Tanja sail (Malay: layar tanjak) or tanja rig is a type of sail commonly used by the Austronesian people, particularly in Maritime Southeast Asia. It is also known as the tilted square sail, canted rectangular sail, rectangular balance lug, or balance lug sail in English.: 102–103 : 608 In historical sources, tanja sail is sometimes incorrectly referred to as lateen sail or simply square sail.
Also called tanjaq, tanjak, tanja', tanjong, or tanjung sail. The Mandar people call it sombal tanjaq because when the wind blows the lower part of the sail (peloang) would "mattanjaq" (lit. "kick"). In colonial British records, it is sometimes written as "lyre tanjong", a misspelling of layar tanjong (layar means "sail" in Malay; layag in Philippine languages).
See also: Sail plan § Austronesian vessels
There are several different theories regarding the origin of tanja sail.
The sail might be a derivative of the older Austronesian triangular crab-claw sail. It developed from the fixed mast version of the crab-claw sail and is functionally identical, with the only difference being that the upper and bottom spars of the tanja sail do not converge into a point in the leading edge.: 98–99
Early contact with Arab ships in the Indian Ocean during Austronesian voyages is believed to have resulted in the development of the triangular Arabic lateen sail. Mahdi (1999) believed that in turn, Arab ships may have influenced the development of the Austronesian rectangular tanja sail.: 157–159 Research by Lynn White concludes that the Arab and Indian lateen sail may have been an adaptation of the lateen sail from the Portuguese ships (caravel), which arrived post-1498. According to H. Warington Smyth, the Malay tanja sail is an adaptation and development of the primitive square sail, with boom at the head and the foot. The Malay tilted the sail forward, to bring the tack right to the deck, turning the sail into the most powerful of lifting sails on a wind.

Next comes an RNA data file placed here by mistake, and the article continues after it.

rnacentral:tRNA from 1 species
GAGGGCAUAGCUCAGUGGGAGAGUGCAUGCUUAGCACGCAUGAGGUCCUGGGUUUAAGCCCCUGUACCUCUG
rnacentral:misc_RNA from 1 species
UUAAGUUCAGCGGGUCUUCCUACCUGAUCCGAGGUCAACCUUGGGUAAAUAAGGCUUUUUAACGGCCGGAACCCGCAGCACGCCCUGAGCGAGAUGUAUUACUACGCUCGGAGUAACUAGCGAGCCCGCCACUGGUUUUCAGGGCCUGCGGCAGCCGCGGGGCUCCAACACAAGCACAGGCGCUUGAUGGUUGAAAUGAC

Tanja sail can be distinguished by its canted/oblique design. The sail face is asymmetrical in shape and most of the area is elongated to the sides, rather than upward like those of lug sail.
The 3rd century book "Strange Things of the South" (南州異物志) by Wan Chen (萬震) describes large ships which originates from K'un-lun (Southern country, either Java or Sumatra). The ships called K'un-lun po (or K'un-lun bo). He explains the ship's sail design as follows:
The four sails do not face directly forward, but are set obliquely, and so arranged that they can all be fixed in the same direction, to receive the wind and to spill it. Those sails which are behind the most windward one receiving the pressure of the wind, throw it from one to the other, so that they all profit from its force. If it is violent, (the sailors) diminish or augment the surface of the sails according to the conditions. This oblique rig, which permits the sails to receive from one another the breath of the wind, obviates the anxiety attendant upon having high masts. Thus these ships sail without avoiding strong winds and dashing waves, by the aid of which they can make great speed.
— Wan Chen, Nánzhōu Yìwùzhì (Strange Things of the South): 262
Most Southeast Asian and Austronesian vessels used the tanja sail. This type of sail may have brought Austronesian sailors as far as West Africa sometime in the 1st millennium CE,: 41 with its feasibility proved by an expedition carried out by a replica ship using such sail in 2003,: 31–32 and there is probability these sailors reached the New World as early as 1420 CE.[better source needed] Some examples of vessels that use tanja sails include: